Patients have a lot to offer. Not least to researchers. Research data is big business these days. Anonymised data from large numbers of patients is exploited to develop new concepts for future research studies. Patients’ hair, blood, saliva, stool and urine are used to help development of new tests to diagnose cancer, chest infections and other conditions.
In the research setting we consent patients. We ask for permission of patients to take part in research. Patients get a form to read that explains the research, they are then given time to think about whether they want to take part in the study. Then they sign a form, give their samples, answer some questions and might get contacted again a few months later to see what happened to them. Sometimes patients who take part in research get some money for the trouble of answering questions and coming to the research clinics. The payments have to be appropriate for the trouble that they are going through. Payment should not be an incentive to make patients do something that they would have otherwise not have done. Patients are not meant to take part in research for money.
Data that is collected in large data bases of the health service is of mayor interest for research and policy makers and not just in the United States (https://careset.com/who-owns-patient-data/): do patients who take a certain drug get admitted less often to hospital? Do patients who’s spouse is living with them have less need for visits for primary care. By linking databases from a hospitals, primary care and social services we can learn how groups of patients are likely to behave, what there needs are and where they are running into problems. This can then help to design studies that test new treatments or more effective ways to support patients.
Now let’s assume I am coming to hospital. I am quite ill. Everybody is trying their best to help but law and behold something does not go quite right. I am left with a chronic health problem. I would like to know whether anything happened that should have been prevented. For this I will have to look into the records from my hospital stay. I can request them, or to be precise I can request a copy of my record. And I will have to pay for that copy.
If you think that this makes no sense then you are not alone. In the US the opennote movement has enabled thousands of US patients to have access to their own records (http://catalyst.nejm.org/opennotes-knowing-change-health-care/). Trials report better satisfaction with healthcare and better compliance with medication. Many patients have since contacted their physicians to point our factual inaccuracies, especially in the way that medications are documented. Patients are thus starting to enhance patient safety.
But in Iceland things might go even further. Digi.me (https://blog.digi.me/tag/health-data/) offers patients a download of their record with the option to sell it on! So patients could sell their personal data set to a company that is interested in their condition and that would then buy similar data from many other patients with the same condition.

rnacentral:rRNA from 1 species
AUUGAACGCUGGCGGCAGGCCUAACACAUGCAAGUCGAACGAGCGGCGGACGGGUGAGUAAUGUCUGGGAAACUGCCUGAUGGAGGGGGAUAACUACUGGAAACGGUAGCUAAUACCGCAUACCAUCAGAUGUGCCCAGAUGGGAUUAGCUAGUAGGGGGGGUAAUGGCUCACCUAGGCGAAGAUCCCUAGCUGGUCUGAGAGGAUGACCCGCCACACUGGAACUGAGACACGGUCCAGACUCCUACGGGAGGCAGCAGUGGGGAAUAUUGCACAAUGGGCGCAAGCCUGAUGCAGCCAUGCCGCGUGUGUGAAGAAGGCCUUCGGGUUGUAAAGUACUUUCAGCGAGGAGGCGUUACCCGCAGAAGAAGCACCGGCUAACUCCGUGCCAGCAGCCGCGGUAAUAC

And of course we are now worried: the data is my data and I am holding it. What if somebody steels it? That could be a major problem! And in fact my data is already being stolen: on facebook, twitter, instagramm data is extracted, evaluated and sold on. My data is used to target me with relevant and irrelevant services. But I am not currently being paid for my service. I get permission to use websites free of charge, but clearly: ‘there is no such thing as a free lunch’. I can see why the Huffington post thinks that ‘data has an image problem’ (http://www.huffingtonpost.co.uk/guy-marson/data-has-an-image-problem_b_14203026.html).
On the flip side there are massive opportunities: Research is crucial to improve my health prospects for my future. I might have conditions that need further studying. My data becomes my capital to contribute to this. Sharon Terry from the Genetic Alliance has shown how to do this at scale (http://www.nesta.org.uk/blog/future-health-people-powered): She and her husband needed to understand a serious genetic disorder of their children. But researchers that she met seemed to be more interested in competition with other researchers then the health of her family. In response she set up a company to bring patients together to sponsor research, in essence selling their data. They achieved unbelievable breakthroughs in the understanding of rare genetic conditions that require strong multi-disciplinary teams. I can understand why she encouraged us to ‘be collaborators in our own health’.
So instead of paying to see the data from my hospital records, I can now own, use, and share my data for better care of everybody. Waow! This will need getting used to.
So what does this mean for my future healthcare records:
Should for profit healthcare organisations have to pay for access to patient data that they are using for business optimisation?
Should I be able to donate my healthcare data to a charity of my choice?